75 House Democrats urge Biden to take immediate steps to close Guantanamo, calling the prison a ‘fundamental betrayal’ of US values

A detainee at Guantanamo Bay wearing an orange jumpsuit is escorted by US military police as other police look on.
US Army Military Police escort a detainee to his cell January 11, 2001 in Camp X-Ray at Naval Base Guantanamo Bay, Cuba, during in-processing to the temporary detention. Getty Images
  • 75 House Democrats signed a letter calling on Biden to take swift steps to close the Guantanamo Bay prison.
  • The lawmakers decried the prison as a “fundamental betrayal of our values.”
  • The Biden administration has vowed to work toward closing the controversial facility.
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House Democrats are ramping up pressure on President Joe Biden to close the prison at Guantanamo Bay, widely viewed as a damning symbol of torture and human rights abuses committed by the US post-9/11.

The White House earlier this year said it was the administration’s intention to close the prison after a review process.

“We write in strong support of your stated goal to close the prison,” said the letter addressed to Biden on Wednesday and signed by 75 House Democrats – including top lawmakers such as House Intelligence Chair Adam Schiff of California, House Foreign Affairs Chair Gregory Meeks of New York, House Armed Services Chair Adam Smith of Washington state, and House Judiciary Chair Jerry Nadler of New York.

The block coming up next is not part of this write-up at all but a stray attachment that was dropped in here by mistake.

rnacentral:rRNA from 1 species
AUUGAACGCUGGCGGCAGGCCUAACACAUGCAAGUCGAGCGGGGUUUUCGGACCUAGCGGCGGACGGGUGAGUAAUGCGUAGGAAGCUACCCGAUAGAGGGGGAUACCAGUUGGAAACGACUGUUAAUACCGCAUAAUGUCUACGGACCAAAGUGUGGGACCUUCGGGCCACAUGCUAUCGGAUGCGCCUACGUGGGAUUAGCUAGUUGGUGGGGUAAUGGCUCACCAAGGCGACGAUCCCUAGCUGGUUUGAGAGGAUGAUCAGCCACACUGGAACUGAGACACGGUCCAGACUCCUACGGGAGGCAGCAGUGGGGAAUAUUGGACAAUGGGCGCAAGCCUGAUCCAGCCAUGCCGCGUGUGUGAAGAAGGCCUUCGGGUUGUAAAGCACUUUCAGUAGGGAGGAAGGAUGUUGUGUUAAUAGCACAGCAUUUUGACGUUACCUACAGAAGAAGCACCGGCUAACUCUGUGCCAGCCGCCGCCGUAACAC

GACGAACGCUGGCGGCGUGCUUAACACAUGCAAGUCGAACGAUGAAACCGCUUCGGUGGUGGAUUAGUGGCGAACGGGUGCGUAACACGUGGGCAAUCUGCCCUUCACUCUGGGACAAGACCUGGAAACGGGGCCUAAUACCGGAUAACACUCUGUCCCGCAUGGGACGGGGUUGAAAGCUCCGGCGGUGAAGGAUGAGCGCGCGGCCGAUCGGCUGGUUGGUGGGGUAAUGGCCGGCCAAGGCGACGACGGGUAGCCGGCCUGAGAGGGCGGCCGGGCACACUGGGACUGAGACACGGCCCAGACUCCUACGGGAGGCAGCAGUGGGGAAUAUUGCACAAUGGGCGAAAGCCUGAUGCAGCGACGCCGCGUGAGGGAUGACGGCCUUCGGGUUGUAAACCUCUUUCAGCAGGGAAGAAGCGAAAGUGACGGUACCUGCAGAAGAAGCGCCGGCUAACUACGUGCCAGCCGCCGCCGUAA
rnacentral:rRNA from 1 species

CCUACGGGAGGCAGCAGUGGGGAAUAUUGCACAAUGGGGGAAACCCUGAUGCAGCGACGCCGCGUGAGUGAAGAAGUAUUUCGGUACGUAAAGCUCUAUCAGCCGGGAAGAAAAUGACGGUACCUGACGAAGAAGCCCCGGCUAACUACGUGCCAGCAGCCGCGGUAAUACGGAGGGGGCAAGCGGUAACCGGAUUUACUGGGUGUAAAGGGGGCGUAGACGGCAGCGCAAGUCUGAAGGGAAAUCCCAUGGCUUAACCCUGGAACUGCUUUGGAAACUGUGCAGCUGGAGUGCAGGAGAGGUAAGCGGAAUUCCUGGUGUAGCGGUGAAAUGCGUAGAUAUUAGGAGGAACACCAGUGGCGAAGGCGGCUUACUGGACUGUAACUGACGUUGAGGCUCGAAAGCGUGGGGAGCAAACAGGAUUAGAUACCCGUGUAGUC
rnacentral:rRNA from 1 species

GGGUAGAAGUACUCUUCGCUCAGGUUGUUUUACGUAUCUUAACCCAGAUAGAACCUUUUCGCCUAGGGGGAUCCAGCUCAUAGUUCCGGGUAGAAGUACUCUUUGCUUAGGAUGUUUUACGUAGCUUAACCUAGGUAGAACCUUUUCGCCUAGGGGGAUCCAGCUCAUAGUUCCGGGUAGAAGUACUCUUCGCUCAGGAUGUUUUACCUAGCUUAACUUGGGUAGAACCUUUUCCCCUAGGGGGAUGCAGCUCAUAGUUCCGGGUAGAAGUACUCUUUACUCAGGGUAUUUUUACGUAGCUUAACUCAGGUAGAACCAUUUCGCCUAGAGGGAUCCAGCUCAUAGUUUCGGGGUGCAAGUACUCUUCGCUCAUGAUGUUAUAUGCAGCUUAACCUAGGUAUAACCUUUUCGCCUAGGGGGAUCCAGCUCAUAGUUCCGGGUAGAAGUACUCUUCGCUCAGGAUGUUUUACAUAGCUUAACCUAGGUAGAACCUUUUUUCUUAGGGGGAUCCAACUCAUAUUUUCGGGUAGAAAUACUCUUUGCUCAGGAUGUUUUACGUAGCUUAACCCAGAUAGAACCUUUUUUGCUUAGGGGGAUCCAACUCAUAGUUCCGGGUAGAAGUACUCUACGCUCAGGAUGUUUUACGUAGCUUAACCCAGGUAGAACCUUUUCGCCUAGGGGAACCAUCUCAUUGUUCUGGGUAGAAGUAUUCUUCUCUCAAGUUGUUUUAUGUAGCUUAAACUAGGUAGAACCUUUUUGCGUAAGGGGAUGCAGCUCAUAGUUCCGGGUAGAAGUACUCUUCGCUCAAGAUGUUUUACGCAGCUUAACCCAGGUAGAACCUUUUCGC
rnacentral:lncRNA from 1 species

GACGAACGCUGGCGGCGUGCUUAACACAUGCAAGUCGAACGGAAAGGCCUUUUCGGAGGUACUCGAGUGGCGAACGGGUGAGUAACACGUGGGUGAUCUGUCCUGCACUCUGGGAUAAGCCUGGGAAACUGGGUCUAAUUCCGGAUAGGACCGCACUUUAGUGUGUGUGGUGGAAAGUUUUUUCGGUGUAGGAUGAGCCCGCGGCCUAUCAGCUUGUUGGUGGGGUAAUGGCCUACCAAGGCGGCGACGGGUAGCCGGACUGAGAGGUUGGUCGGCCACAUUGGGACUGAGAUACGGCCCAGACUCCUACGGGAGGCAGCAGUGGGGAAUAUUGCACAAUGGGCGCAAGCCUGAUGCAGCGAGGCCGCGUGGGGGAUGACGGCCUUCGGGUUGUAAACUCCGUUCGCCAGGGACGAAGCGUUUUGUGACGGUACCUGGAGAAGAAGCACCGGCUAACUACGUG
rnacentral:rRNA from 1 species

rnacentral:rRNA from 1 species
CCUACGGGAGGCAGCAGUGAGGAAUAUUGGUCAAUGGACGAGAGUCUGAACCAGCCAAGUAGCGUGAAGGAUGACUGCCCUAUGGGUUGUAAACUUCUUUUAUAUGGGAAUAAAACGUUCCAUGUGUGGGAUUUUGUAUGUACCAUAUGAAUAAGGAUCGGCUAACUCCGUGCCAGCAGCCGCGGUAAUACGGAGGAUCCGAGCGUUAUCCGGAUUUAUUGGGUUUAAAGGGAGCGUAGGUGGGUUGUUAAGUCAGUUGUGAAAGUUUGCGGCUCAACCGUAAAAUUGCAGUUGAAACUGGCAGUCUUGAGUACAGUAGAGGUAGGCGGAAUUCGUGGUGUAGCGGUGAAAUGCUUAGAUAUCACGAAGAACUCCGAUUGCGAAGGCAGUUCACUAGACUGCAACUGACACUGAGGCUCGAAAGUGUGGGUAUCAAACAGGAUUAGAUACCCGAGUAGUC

“We share your belief that after nearly two decades and tremendous expense, it is time to close the prison and seek prompt resolutions for the cases of the remaining detainees,” the letter continued. “We ask that as you take the steps necessary to finally closing the prison, you act immediately to further reduce its population, ensure that the remaining detainees are treated humanely, and increase the transparency of military commission proceedings at the Guantanamo detention facility.”

The letter decried the prison as a “fundamental betrayal of our values and our commitment as a country to the rule of law.”

The controversial Cuba-based detention center was opened in 2002 by then-President George W. Bush to house alleged terrorists, and nearly 800 people have been held there in the time since. Former President Barack Obama vowed to close the prison during his first presidential campaign, but faced Republican opposition in Congress and failed to accomplish this before leaving office. The number of detainees did reduce significantly under the Obama administration, however, from 245 to 41.

Former President Donald Trump took a drastically different approach, signing an executive order in 2018 to keep the prison open – and only one prisoner was transferred out during his term in the White House.

Biden has taken small steps toward shuttering the facility. In June, the Pentagon announced a Moroccan citizen held at the prison, Abdul Latif Nasser, was transferred to his home country.

“Since earlier this year, the Biden administration has been involved in an interagency review of detentions at Guantanamo Bay,” a senior administration official told Politico’s NatSec Daily. “Now, the administration is engaged in a deliberate and thorough process focused on responsibly reducing the detainee population and closing of the Guantanamo facility.”

There are still 39 men imprisoned at Guantanamo – many have been held for years without being tried or charged, and 10 have been cleared for release.

A number of Republicans in Congress continue to oppose closing the prison.